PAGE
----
To ascertain the functional importance of Meg2, we generated Meg2-deficient mice by homologous recombination in embryonic stem (ES) cells targeting exons 10–13 containing part of the catalytic domain (Fig. 1, C–E). Mice heterozygous for Meg2 (Meg2+/−) appeared healthy and were fertile. At day (E12), Mendelian ratios of Meg2+/+, Meg2+/−, and Meg2−/− (1:2:1, respectively) embryos were detected. However, there was a decrease in the fraction of Meg2−/− homozygous embryos between days E15 and birth, with <10% of Meg2−/− embryos surviving to birth and the immediate postnatal period. Of the live-born Meg2−/− pups, all were severely runted and very few survived to weaning. Meg2−/− embryos and pups did not express Meg2 RNA or protein as determined by northern and western analysis, respectively (Fig. 1, F and G), confirming that these mice carry a null Meg2 allele.
MEG2−/−mice display craniofacial and neurodevelopmental abnormalities and hemorrhages
As early as day E10, Meg2−/− embryos demonstrated growth retardation and evidence of neural tube defects, including craniofacial abnormalities (shortened snout and domed cranium), exencephaly, encephaloceles, and meningomyeloceles (Fig. 2 A) that were also apparent in the few live-born pups (Fig. 2 B). The brains of neonatal Meg2−/−mice were grossly smaller than Meg2+/− or Meg2+/+ littermates, and histological analysis revealed areas of colliquative necrosis containing foamy and debris-laden macrophages (Fig. 2, C and D). Within such areas, there was petechial hemorrhage containing macrophages with ingested erythrocytes (Fig. 2 D), indicating that the hemorrhage occurred before death. The areas of necrosis involved the cerebral cortex and subcortical white matter. The adjacent lateral ventricles were enlarged, and the white matter demonstrated rarefaction and microcystic changes. These alterations are consistent with either a primary endothelial defect or with impaired platelet function (vide infra) that may enhance a bleeding tendency by impairment of hemostatic plug formation. Of the few Meg2−/− mice surviving past weaning, several demonstrated a conspicuous tremor and paraparesis, the latter likely due to spinal meningomyeloceles.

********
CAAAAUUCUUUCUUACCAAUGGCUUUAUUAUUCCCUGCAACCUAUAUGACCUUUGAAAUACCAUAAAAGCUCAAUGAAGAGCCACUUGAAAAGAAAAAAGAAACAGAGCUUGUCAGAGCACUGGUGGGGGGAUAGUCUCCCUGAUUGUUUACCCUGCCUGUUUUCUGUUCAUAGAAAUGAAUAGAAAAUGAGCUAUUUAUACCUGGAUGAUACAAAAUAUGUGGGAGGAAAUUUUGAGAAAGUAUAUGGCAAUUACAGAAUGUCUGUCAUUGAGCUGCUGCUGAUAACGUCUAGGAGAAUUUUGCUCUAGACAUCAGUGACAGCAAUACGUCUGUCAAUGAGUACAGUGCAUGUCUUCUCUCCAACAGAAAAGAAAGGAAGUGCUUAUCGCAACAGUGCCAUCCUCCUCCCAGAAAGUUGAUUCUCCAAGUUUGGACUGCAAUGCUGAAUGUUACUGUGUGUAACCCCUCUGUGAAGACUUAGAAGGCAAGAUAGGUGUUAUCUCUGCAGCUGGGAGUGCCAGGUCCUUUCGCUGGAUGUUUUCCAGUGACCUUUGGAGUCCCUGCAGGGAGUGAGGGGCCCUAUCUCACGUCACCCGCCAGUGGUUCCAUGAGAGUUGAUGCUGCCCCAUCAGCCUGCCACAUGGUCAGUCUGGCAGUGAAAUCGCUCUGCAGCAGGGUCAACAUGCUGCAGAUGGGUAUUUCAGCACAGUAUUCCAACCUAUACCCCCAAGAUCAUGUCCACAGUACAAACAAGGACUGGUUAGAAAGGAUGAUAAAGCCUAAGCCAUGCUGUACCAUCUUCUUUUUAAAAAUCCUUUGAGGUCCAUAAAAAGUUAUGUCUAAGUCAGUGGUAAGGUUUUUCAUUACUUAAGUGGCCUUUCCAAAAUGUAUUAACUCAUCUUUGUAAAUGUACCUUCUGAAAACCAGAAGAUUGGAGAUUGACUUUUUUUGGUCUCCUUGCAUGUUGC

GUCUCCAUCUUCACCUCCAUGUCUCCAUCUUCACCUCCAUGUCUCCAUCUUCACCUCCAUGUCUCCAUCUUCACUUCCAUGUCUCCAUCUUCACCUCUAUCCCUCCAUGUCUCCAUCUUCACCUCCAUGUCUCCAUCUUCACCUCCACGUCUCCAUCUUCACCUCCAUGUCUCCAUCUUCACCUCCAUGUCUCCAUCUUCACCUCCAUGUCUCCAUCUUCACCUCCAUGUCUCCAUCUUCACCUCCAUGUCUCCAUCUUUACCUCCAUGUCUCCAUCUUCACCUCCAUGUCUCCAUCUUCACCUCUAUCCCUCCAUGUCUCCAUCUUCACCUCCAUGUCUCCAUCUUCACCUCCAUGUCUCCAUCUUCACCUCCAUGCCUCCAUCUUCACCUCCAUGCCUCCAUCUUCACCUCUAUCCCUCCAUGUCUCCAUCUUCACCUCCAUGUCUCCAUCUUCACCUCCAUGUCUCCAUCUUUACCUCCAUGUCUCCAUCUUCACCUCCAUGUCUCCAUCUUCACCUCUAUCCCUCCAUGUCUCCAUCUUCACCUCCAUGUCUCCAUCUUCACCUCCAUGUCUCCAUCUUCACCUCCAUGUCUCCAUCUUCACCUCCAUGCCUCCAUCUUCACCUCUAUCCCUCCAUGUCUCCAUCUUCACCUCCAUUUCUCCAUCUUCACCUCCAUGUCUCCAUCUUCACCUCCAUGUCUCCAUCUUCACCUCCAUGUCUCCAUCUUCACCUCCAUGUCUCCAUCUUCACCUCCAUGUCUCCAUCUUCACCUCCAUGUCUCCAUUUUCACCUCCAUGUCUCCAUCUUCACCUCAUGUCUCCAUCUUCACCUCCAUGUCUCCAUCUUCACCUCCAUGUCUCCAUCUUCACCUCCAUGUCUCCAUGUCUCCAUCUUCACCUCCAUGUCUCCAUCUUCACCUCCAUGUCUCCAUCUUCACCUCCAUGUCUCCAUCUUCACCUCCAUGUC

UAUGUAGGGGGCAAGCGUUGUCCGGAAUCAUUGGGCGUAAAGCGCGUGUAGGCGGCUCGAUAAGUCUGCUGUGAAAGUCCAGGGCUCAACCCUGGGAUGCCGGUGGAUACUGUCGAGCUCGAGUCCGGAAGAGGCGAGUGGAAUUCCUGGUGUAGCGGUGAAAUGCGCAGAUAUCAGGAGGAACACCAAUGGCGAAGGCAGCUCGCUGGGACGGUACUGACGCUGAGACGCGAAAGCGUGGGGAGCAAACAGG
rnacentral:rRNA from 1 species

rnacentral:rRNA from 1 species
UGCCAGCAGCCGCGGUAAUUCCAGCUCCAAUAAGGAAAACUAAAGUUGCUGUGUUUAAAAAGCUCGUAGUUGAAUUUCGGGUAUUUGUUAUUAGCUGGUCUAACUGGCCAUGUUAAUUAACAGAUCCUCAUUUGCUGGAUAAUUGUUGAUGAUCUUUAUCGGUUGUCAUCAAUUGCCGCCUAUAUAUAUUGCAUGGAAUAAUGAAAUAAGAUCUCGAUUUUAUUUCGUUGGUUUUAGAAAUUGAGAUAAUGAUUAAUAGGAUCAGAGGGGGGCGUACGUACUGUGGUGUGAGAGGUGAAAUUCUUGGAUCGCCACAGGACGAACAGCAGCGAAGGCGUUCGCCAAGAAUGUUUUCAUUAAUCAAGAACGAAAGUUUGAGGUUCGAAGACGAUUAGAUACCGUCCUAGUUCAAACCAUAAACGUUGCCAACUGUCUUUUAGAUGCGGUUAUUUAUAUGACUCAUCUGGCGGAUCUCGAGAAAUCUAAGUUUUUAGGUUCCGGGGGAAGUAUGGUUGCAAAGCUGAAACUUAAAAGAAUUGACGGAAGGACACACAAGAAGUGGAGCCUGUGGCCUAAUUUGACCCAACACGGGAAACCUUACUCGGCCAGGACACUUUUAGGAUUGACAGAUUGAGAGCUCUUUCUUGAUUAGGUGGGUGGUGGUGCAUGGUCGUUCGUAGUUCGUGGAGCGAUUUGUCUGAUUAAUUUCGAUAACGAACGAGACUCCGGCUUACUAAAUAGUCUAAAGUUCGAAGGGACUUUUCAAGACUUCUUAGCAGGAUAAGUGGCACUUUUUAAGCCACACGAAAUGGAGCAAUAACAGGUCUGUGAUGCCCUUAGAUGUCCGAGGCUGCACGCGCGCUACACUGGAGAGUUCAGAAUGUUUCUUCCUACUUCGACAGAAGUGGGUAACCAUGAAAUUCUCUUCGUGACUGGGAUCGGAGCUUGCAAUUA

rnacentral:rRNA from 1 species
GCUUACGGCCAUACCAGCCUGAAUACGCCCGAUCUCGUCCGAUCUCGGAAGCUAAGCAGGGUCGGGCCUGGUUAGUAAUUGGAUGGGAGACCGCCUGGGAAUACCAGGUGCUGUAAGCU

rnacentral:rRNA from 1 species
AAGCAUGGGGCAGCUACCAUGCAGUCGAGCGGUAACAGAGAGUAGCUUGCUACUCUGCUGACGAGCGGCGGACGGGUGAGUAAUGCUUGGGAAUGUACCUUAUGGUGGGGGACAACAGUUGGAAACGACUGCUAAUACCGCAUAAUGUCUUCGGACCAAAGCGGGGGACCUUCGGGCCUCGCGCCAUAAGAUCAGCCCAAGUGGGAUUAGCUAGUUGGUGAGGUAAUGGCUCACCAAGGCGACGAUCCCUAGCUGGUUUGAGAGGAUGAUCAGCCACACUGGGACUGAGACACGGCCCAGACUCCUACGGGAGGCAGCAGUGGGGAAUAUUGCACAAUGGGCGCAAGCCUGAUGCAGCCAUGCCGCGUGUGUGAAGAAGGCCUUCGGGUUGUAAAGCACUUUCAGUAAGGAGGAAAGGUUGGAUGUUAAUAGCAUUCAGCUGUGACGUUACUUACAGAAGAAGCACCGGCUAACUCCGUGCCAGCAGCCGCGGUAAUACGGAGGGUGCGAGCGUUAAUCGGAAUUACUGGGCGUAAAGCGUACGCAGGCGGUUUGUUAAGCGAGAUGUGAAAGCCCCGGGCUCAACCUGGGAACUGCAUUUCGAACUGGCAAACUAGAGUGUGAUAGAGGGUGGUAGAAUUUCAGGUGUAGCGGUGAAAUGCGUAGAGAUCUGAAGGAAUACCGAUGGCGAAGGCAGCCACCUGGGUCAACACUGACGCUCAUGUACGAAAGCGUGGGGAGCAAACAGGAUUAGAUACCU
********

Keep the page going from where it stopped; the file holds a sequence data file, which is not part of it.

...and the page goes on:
Most Meg2−/− embryos demonstrated large areas of hemorrhage in the craniofacial and cervical regions as well as dorsal aspects of the trunk (Fig. 2 A). Meg2−/− embryos also demonstrated abnormalities of calvarial and long bone formation. Meg2−/− embryos and newborn pups had absent calcification of the cranium as well as thinning and deficient calcification of the diaphyseal portion of the long bones (Fig. 3). Development of the other major organs, including the heart, lungs, kidneys, and liver, was grossly normal in Meg2−/− embryos, and histological analysis of these organs did not reveal any abnormalities.
Death of Meg2−/− embryos during late embryogenesis was likely attributable to hemorrhage into the cranial and dorsal areas and/or to severe neural tube closure defects. The vast majority of late embryonic and live-born Meg2−/− mice demonstrated obvious craniofacial malformations, including abnormal dentition and cleft palate, doming of the cranium, and shortened snout, and all were severely runted (Fig. 2 B). In the immediate perinatal period, serum electrolytes, glucose, calcium, creatinine, urea nitrogen, and albumin, and liver enzymes were within normal limits in surviving Meg2−/− mice. Most of these mice had difficulty feeding that was attributable to the facial, dental, and neurological abnormalities. Most did not survive until weaning despite attempts at liquid nutritional supplementation. Taken together, these observations indicate that MEG2 is required for normal embryonic development, including neural tube formation as well as bone and dental development.
Meg2 deficiency results in defective platelet and lymphocyte function